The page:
August 11, 2016
Multiple studies have confirmed that there is a strong link between herbicide use and bee deaths. Although there are various factors at play, multiple lines of research converge on herbicide use as a significant variable. So much so, that the European Union has issued a ban on the use of neonicotinoid herbicides.
A recent study focused on this link was published in the Journal of Chromatography.
Weeding through a jungle of herbicides
Researchers are faced with the challenge of trying to understand which combination of herbicides impacts honeybees in different ways. In order to examine this more quickly, researchers from the National Veterinary Research Institute in Poland have developed a way to analyze 200 pesticides at once.
“Bee health is a matter of public concern — bees are considered critically important for the environment and agriculture by pollinating more than 80% of crops and wild plants in Europe,” Tomasz Kiljanek, lead author of the study from the National Veterinary Research Institute in Poland, said in a press statement. “We wanted to develop a test for a large number of pesticides currently approved for use in the European Union to see what is poisoning the bees.”
Given the vast range of herbicides currently in use, it is hard to determine which ones are detrimental to bees. Kiljanek and his colleagues used a method known as QuEChERS – often deployed to detect the presence of herbicides in food – to investigate over 70 bee poisoning cases. Approximately 98 percent of the herbicides they analyzed were allowed to be used in the European Union.
The sting of extinction
The researchers found that 57 herbicides were present in poisoned bees. Herbicides, even in low concentrations, can impair the bees’ immune systems, enabling viruses and parasites to destroy the colony. The team hopes that their findings will broaden the knowledge of different herbicides that are dangerous to bees.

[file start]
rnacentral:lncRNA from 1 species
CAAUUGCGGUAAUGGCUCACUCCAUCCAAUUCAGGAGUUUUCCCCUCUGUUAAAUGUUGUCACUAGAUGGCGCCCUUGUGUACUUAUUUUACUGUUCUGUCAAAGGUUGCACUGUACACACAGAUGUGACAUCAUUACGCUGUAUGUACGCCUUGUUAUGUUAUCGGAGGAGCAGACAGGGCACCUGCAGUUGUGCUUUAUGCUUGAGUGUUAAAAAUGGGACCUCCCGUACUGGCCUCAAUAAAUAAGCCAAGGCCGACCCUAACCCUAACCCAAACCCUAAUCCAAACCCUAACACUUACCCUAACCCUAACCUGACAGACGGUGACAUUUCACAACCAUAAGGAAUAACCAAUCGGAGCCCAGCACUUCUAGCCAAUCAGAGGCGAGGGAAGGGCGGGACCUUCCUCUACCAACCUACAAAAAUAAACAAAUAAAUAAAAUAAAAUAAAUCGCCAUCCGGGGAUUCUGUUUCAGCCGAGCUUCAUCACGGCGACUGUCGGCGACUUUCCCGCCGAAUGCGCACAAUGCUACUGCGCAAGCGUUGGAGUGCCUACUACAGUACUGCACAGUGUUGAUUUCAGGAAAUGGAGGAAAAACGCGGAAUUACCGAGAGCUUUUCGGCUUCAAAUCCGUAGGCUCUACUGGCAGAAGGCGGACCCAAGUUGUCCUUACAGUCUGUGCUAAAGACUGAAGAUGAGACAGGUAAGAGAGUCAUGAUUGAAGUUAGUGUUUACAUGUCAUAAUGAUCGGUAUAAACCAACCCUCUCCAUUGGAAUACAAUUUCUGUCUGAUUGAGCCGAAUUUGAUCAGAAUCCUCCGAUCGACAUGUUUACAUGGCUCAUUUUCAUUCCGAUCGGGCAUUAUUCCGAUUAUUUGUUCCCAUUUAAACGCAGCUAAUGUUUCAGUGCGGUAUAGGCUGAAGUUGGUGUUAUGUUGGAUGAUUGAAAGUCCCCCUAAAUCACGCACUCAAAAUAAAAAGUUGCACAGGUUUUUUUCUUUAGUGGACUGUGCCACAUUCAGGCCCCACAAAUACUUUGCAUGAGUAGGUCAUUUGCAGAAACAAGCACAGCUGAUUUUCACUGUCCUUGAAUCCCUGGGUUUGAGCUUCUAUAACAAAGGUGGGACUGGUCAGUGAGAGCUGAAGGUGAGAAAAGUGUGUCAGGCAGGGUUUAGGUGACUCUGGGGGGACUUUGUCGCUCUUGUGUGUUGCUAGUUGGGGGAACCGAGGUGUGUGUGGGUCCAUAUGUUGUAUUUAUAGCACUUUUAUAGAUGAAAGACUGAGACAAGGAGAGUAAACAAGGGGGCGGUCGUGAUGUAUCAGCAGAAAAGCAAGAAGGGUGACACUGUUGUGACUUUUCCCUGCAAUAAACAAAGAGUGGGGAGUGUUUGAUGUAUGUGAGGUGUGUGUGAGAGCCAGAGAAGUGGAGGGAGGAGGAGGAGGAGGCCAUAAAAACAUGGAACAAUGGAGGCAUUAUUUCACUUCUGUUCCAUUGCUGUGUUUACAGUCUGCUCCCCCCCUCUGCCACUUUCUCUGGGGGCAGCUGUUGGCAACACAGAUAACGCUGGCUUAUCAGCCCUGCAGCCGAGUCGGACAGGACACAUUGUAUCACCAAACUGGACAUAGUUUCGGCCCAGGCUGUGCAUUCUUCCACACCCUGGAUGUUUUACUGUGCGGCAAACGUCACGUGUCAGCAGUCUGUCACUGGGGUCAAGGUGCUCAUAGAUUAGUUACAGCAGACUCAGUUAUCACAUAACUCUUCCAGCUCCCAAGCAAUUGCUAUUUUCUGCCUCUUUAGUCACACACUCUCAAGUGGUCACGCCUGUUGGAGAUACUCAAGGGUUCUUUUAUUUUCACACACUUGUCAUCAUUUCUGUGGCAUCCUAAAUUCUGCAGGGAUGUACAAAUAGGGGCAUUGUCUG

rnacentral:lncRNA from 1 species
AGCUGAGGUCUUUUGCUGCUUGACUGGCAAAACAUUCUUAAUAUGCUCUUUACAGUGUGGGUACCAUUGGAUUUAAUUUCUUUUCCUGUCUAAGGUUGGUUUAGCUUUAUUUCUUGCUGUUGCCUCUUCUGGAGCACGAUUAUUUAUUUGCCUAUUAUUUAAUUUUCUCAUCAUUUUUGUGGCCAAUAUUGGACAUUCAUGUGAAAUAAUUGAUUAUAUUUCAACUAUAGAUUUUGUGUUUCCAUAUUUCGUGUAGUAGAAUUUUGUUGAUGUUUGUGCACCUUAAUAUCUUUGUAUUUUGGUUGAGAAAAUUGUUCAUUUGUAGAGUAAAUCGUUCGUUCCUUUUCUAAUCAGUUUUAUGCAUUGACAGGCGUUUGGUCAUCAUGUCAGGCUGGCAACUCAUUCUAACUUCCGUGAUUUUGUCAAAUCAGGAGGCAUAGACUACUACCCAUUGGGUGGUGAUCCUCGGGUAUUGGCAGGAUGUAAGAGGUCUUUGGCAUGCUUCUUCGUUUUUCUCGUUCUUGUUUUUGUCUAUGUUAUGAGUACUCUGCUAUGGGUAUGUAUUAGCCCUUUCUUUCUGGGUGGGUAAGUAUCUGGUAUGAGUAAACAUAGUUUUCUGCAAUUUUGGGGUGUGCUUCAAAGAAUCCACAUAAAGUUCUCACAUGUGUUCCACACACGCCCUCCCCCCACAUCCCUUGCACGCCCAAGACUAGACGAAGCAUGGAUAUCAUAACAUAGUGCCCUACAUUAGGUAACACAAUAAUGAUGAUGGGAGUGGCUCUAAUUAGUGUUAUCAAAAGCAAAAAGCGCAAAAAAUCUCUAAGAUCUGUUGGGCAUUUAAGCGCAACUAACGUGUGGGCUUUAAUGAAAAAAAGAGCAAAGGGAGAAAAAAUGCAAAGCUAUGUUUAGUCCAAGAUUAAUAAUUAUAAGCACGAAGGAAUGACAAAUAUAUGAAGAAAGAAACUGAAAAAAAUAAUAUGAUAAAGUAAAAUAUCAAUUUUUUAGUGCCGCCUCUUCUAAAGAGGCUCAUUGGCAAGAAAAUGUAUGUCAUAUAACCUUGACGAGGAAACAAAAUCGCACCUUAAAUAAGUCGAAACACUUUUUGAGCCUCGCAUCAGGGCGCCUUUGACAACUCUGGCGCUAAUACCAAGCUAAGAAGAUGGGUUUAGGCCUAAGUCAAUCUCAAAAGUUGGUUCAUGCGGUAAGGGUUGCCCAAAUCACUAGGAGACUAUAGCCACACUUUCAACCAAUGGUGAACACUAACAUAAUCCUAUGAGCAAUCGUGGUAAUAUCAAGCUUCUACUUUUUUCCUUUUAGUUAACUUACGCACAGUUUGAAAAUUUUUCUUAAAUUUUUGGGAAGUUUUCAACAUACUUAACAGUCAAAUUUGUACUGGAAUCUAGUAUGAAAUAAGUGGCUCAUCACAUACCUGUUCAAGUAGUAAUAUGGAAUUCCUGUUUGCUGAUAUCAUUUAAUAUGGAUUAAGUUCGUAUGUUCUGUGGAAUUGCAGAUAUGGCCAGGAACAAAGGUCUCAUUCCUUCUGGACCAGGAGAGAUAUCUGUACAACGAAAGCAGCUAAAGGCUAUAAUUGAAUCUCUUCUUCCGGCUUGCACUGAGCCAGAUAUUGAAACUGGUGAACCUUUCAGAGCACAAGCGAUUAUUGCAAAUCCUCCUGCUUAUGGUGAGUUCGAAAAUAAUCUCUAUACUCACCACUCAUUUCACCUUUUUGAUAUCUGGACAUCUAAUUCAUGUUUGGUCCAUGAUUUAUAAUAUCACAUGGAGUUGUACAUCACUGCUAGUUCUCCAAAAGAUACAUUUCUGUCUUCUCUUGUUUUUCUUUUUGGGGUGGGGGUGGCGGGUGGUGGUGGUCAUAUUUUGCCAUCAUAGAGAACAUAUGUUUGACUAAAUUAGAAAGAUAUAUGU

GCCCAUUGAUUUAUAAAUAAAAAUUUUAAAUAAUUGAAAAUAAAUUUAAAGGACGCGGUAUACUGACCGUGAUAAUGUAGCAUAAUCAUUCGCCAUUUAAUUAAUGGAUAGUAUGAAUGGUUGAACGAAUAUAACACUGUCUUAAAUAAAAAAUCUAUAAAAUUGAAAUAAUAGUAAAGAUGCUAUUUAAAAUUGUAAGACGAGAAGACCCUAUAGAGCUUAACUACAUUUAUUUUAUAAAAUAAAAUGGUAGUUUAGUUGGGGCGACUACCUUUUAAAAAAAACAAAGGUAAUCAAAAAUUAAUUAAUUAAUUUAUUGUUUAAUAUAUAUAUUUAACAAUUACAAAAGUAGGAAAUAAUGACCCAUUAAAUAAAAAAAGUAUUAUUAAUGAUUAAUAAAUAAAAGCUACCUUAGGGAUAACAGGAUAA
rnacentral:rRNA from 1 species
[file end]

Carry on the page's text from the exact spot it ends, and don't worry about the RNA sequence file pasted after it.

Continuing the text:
“This is just the beginning of our research on the impact of pesticides on honeybee health,” Kiljanek said.
“Honeybee poisoning incidents are the tip of the iceberg. Even at very low levels, pesticides can weaken bees’ defense systems, allowing parasites or viruses to kill the colony,” he added.
“Our results will help expand our knowledge about the influence of pesticides on honeybee health, and will provide important information for other researchers to better assess the risk connected with the mix of current used pesticides.”
Previous research centered on other factors attributed to the decline of the global bee population, like climate change and disease. It has been suggested that diesel exhaust, for example, could be altering half of the floral scents that bees use to seek flowers, which could be responsible for the death of some bees.
A United Nations alert issued last February warned that hundreds of billions of dollars worth of crops could be wasted because of the declining bee population, putting the global food supply at risk.
One out of every six species of vertebrates are facing extinction, while two out of every five bee, butterfly and pollination insects are also in grave danger, reports TechTimes.